5 Days to Become a Cold Email Pro: Day 2

Welcome to the second day of our week-long series on creating and sending effective personalized cold emails. Today we’ll be covering defining goals and understanding metrics.

If you missed it, check out our previous post on choosing the right tool for your cold email campaign.

Defining Goals

Before writing a single word of email copy you need to decide what your goals are for a particular campaign.

All too often, companies launch email campaigns hoping that dashing off a message and clicking a button will make customers magically appear. The reality is that you should approach a cold email campaign with very specific goals in mind.

The more focused you are, the more attuned you will be to every aspect of your campaign. The details matter.

Before sending a message, decide what you want the email to accomplish. A click to a webpage? A phone call? A web demo? Maybe just further conversation over email?

A general rule of thumb for cold email that we dig into in MXP Online is: don’t try to close in the first message. Ask users to do just enough that they move closer to the deal zone. That’s it.

Using Metrics

Using an automated email tool like we covered in our first post in this series, you’ll have access to a series of metrics, which you can use to measure the effectiveness of your email campaign, all the way down to the performance of specific aspects of particular messages. Some examples of simple metrics include:

  • Open Rate: Measures how many people actually open your message (i.e., a measure of how effective your subject line is).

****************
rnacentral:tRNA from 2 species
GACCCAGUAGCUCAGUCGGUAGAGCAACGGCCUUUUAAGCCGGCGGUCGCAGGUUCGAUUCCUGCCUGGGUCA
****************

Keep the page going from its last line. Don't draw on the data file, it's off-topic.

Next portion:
• Click-Through Rate: Measures how many people click a link and convert to a landing page.
  • Reply Rate:  Measures how many people actually respond to your email.

More complex metrics include meetings set, online conversions, accounts activated and new customers.

Depending on your particular customers or business, some of these metrics will be more important than others — but account acquisition and customer acquisition are key metrics for any campaign.

Account acquisition is often about finding out who the decision maker is and getting a meeting with that person. If your goal is to maximize account acquisition, you should pay specific attention to open and reply rates for your messages. Reply rates should be broken into marketing qualified leads (MQL) and not MQL.

Your goal in this case is to “activate” conversations with as many accounts as possible to drive opportunities in your sales pipeline.

Customer acquisition is often about getting as many people as possible to self-service onboard. Important metrics are open rates and click rates. In this case, reply rates will be  be low because the call-to-action is to click rather than reply. Your high-level goal is to get as many customers as possible to sign up.

In part five of this series on Friday,  we’ll talk more about what you can do with these metrics once an email campaign gets going.

Next up: Writing copy

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